I am in the business of wanting philanthropy to grow and so I am, in principle, greatly encouraged by the increase in the numbers of new philanthropists. According to World Wealth Report 2010, produced by Capgemini and Merrill Lynch, the very wealthy (global ‘high-net-worth individuals’) have amassed fortunes estimated at $39 trillion, and continue to get richer and become more numerous. From this group, there is an increased interest in philanthropy; specifically in channelling their wealth into philanthropic purposes during their own lifetime.
While in the past wealth may have been more often managed by estate executors, the trend towards ‘giving while living’ raises the need for more advisory services from consultants and wealth managers. Or, as I like to call them, the philanthropic concierges – those who open doors and provide basic guidance but do not go beyond what punctiliousness demands.
For my part, I have long been an ardent supporter of bricolage (inspired ad hoc-ism I believe it has been called), which essentially means that I put my bets on people who recognize what already exists, know how to make connections, and are willing to tinker or experiment. This inclination naturally carries with it a mild suspicion towards many concierges – those who claim to be ‘specialists’ or ‘experts’, who have all the answers in a tidy, easily digestible package, and who tend to dismiss and denigrate the work of others. In my experience, at least the bricoleurs do less harm.
In short, I recommend people who ask me to refer them to ‘good advisers’ to take their advice from people who have spent time in the philanthropic industry and know foundations thoroughly. In particular, I suggest they pick those that are willing to admit to limitations and prepared to share knowledge. I think these are the people who have the capacity to help both newcomers and old hands. My own indispensable ‘kitchen cabinet’ is composed of just such people – those with experience, who have and follow hunches, and who are prepared to share their hard-earned insights; above all, who readily admit their failures and demonstrate a curiosity or eagerness to ‘have another go’.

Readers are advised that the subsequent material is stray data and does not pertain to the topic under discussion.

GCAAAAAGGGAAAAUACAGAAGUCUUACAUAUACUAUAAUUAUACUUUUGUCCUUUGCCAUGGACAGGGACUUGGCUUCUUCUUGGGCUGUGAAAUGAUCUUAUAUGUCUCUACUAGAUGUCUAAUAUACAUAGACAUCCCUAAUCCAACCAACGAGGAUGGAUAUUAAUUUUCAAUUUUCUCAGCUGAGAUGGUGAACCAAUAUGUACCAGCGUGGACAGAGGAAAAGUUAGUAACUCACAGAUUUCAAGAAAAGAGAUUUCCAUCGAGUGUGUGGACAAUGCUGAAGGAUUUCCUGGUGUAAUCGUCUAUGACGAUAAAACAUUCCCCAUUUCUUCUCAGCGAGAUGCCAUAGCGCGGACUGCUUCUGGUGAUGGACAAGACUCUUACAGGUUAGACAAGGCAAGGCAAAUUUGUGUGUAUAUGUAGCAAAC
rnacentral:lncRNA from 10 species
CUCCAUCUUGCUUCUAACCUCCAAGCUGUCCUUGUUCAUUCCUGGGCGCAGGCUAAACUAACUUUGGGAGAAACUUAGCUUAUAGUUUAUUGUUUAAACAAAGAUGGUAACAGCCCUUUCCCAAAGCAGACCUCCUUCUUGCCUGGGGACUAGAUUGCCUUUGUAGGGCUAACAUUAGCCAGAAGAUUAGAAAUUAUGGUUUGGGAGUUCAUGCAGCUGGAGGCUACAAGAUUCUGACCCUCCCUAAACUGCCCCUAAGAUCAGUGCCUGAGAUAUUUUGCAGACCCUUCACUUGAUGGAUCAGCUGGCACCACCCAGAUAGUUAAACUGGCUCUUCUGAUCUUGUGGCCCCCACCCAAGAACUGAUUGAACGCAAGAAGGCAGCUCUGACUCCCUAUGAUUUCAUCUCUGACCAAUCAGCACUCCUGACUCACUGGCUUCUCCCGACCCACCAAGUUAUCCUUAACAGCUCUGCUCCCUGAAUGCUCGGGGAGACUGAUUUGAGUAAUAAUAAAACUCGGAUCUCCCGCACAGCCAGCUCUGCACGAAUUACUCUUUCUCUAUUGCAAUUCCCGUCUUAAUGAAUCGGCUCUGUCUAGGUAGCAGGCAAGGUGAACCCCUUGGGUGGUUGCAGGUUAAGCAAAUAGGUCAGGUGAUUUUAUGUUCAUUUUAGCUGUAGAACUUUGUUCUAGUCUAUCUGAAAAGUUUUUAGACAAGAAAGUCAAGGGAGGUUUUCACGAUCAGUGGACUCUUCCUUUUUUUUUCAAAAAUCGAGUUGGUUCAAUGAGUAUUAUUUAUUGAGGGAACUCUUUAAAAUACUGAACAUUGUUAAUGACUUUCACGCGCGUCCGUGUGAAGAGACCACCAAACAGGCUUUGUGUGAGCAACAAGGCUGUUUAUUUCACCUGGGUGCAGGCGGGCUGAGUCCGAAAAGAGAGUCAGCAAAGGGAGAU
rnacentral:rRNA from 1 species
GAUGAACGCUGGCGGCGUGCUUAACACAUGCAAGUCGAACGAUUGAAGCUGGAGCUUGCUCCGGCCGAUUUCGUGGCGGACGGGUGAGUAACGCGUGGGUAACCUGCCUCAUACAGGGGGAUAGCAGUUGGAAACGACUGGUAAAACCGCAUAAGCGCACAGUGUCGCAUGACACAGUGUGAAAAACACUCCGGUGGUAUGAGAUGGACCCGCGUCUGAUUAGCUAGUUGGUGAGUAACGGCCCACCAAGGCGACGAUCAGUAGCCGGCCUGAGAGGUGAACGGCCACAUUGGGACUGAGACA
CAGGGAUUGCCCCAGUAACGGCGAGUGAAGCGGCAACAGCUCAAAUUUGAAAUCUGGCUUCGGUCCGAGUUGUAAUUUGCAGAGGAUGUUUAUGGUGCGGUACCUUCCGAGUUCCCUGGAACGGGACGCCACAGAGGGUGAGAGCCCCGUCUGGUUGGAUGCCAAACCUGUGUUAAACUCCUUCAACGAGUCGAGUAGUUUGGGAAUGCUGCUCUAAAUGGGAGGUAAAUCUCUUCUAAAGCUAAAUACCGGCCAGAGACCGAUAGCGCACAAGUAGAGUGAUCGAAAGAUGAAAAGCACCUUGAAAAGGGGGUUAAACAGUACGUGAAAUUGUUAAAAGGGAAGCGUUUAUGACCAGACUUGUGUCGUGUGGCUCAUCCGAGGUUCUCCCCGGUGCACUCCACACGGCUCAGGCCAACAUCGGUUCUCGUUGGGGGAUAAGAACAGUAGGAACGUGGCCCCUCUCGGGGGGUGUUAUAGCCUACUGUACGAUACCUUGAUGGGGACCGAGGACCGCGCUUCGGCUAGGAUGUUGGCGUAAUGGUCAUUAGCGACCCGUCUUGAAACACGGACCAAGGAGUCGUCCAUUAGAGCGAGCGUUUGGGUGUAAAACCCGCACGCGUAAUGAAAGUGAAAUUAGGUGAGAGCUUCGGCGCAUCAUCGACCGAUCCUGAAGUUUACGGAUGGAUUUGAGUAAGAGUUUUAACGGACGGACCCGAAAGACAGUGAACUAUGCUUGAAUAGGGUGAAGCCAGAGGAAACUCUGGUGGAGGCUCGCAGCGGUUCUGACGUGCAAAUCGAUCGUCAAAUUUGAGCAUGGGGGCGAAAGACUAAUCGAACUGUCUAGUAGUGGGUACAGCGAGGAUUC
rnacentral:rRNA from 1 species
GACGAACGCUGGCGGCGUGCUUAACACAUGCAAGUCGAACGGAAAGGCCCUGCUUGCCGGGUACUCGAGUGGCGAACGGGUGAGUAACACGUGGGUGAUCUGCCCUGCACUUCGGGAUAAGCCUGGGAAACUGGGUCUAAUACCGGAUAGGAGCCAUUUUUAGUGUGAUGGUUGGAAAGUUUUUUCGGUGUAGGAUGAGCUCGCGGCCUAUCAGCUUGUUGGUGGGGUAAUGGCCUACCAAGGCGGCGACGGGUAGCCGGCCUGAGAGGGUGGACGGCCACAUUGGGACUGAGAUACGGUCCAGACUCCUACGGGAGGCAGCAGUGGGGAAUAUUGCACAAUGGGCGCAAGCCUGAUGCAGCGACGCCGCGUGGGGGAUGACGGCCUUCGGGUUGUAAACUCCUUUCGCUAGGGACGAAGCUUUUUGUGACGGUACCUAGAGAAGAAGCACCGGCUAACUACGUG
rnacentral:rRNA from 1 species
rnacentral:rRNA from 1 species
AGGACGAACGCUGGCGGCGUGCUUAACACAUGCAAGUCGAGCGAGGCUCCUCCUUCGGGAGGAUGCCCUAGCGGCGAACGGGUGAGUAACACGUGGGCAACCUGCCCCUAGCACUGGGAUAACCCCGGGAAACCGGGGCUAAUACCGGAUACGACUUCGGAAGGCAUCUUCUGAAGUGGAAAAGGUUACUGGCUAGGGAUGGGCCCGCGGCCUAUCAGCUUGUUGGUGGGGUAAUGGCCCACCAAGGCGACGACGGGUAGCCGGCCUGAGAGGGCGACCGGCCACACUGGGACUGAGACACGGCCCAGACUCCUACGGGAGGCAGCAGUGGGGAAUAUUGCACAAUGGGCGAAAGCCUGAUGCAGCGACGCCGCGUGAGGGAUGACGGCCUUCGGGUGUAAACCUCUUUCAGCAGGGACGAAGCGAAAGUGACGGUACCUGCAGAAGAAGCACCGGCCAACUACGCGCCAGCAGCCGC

Some of these bricoleurs have successfully translated their knowledge and are now providing professional advice services, acting as middlemen and brokers. They offer the vital substance and support that allows budding philanthropists to become proficient practitioners. With their concrete experience and established networks, they can provide advice and orientation which is nuanced, subtle and indispensable.
At the same time, though, there are some so-called experts who are falling over themselves to provide a service without knowing exactly what this sector is about. Not even touching on the misguided financial advice that has been doled out over the past years, of which there are myriad examples, I am continually made nervous by the broadcasting and distribution of boilerplate advice that does not take into account the textured and truly diverse sector that we operate in. I am persuaded that sometimes the free advisory service is just the bait to land more clients and to secure the right to manage people’s accounts. The advisers appear to be complicit, helping to consolidate the impression that philanthropy is easy and straightforward, and that those who have been in this business for any length of time are somehow slow or deficient. In short, that there is nothing to learn from practitioners. Sometimes I find myself wondering: who gave the keys to these concierges? There is demystification and then there is oversimplification. These are not two ends of the same continuum; they are two very different processes.
I think there needs to be less hubris and false prophecy from the concierges, who must go beyond merely accumulating clients and accounts and focus more on two essential ingredients. First, a simple recognition that there is much to learn, that no one knows it all, and that the offering of blanket advisory services is unlikely to meet the quality standards that will be increasingly needed. Second, a readiness to understand that in the process of borrowing, modifying and recreating parts of practitioners’ successful repertoires, one is essentially taking this work further in a time-honoured fashion.
In short, we need advisers who don’t undermine what’s already there but who build on it. If this can be achieved, then I would wholeheartedly place my trust in these concierges. Until then, I think I’ll hang on to my keys.
Gerry Salole is Chief Executive of the European Foundation Centre. Email GSalole@efc.be